There will be inevitably considerable ideological space between people who are progressive-antiwar and those who call themselves "realists" that will have to be carefully bridged lest the group begin to break down in squabbling over "principles." Some progressives of the Barack Obama variety will almost certainly push for the inclusion of Samantha Power R2P types who will use abuses in foreign countries to argue for the US continuing to play a "policeman for the world" role on humanitarian grounds. And there will inevitably be major issues that Quincy will be afraid to confront, including the significant role played by Israel and its friends in driving America's interventionist foreign policy.
Nevertheless, the Quincy Institute is certainly correct in its assessment that there is significant war-weariness among the American public, particularly among returning veterans, and there is considerable sentiment supporting a White House change of course in its national security policy. But it errs in thinking that America's corrupted legislators will respond at any point prior to their beginning to fail in reelection bids based on that issue, which has to be considered unlikely. Witness the current Democratic Party debates in which Tulsi Gabbard is the only candidate who is even daring to talk about America's disastrous and endless wars, suggesting that the Blob assessment that the issue is relatively unimportant may be correct.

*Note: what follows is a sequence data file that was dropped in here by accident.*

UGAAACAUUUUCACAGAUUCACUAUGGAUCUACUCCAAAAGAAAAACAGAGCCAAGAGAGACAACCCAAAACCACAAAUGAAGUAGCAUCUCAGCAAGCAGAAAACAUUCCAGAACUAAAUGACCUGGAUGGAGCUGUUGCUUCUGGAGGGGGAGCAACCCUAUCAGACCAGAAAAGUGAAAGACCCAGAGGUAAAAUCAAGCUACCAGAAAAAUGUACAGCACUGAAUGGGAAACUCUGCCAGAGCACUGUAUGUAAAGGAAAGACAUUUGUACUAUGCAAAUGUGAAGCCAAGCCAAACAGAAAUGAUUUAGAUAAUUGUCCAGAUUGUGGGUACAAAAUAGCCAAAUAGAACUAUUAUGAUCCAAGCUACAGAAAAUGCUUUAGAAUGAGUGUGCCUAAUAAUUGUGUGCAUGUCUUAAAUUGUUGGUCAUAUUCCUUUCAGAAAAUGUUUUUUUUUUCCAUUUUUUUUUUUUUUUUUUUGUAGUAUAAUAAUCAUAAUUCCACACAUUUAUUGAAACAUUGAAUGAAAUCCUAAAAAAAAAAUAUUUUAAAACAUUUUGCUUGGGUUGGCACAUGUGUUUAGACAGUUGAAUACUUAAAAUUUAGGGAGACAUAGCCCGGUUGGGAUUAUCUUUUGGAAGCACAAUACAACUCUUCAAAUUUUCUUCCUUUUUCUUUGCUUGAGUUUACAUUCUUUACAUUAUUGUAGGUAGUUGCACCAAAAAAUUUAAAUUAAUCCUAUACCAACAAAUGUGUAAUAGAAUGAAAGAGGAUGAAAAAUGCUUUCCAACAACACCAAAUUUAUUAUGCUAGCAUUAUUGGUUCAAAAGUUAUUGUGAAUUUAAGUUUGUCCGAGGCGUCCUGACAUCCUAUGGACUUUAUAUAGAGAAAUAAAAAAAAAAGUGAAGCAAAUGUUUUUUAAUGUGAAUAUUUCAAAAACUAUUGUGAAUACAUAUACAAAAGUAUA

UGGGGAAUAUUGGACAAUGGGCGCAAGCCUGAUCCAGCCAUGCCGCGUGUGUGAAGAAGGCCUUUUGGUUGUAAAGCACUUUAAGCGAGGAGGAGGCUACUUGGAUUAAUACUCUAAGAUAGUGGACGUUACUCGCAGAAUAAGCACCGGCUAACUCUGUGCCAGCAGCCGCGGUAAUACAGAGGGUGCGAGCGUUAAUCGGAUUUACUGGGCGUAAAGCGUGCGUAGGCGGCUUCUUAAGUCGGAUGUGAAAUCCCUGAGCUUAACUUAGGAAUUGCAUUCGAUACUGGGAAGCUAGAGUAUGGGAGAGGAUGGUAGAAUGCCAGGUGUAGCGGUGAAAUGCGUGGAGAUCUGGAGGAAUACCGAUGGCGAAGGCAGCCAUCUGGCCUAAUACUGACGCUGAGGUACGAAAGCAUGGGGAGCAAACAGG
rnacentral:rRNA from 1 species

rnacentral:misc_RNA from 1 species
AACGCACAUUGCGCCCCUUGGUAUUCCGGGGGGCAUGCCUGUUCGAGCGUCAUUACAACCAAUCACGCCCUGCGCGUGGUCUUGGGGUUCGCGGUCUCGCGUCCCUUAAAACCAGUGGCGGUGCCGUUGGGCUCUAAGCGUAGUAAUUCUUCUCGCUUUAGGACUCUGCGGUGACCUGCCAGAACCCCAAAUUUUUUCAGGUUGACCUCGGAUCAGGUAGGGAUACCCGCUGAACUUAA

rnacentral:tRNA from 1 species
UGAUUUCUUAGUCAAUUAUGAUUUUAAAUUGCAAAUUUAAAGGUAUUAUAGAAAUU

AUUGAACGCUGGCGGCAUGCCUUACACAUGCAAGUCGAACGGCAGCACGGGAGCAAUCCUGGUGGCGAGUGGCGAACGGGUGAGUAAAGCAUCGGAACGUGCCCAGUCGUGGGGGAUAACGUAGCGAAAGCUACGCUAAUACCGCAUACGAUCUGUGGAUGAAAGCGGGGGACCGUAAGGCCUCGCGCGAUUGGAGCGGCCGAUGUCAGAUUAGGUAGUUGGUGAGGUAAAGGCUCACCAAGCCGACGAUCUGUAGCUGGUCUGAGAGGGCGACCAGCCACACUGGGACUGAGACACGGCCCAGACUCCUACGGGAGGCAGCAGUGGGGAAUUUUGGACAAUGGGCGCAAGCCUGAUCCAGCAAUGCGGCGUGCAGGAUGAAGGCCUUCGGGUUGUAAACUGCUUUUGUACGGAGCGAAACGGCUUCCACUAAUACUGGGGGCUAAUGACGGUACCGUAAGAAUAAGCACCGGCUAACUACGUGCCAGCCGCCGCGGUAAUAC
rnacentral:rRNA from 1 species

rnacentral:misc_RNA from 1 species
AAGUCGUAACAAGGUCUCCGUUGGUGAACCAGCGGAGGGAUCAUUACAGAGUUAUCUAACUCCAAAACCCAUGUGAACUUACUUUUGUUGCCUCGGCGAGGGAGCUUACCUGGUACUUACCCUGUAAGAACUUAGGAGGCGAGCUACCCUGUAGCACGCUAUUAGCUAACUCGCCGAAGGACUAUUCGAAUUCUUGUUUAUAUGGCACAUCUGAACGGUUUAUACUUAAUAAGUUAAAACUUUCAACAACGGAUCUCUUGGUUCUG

Money talks. Where else in the developed world but the United States can a multi-billionaire like Sheldon Adelson legally and in the open spend a few tens of millions of dollars, which is for him pocket change, to effectively buy an entire political party on behalf of a foreign nation? What will the Quincies do when George Soros, notorious for his sometimes disastrous support of so-called humanitarian "regime change" intervention to expand "democracy movements" as part his vision of a liberal world order, calls up the Executive Director and suggests that he would like to see a little more pushing of whatever is needed to build democracy in Belarus? Soros, who has doubled his spending for political action in this election cycle, is not doing so for altruistic reasons. And he might reasonably argue that one of the four major projects planned by the Quincy Institute, headed by investigative journalist Eli Clifton, is called "Democratizing Foreign Policy."
Why are US militarism and interventionism important issues? They are beyond important - and would be better described as potentially life or death both for the United States and for the many nations with which it interacts. And there is also the price to pay by every American domestically, with the terrible and unnecessary waste of national resources as well human capital driving American ever deeper into a hole that it might never be able to emerge from.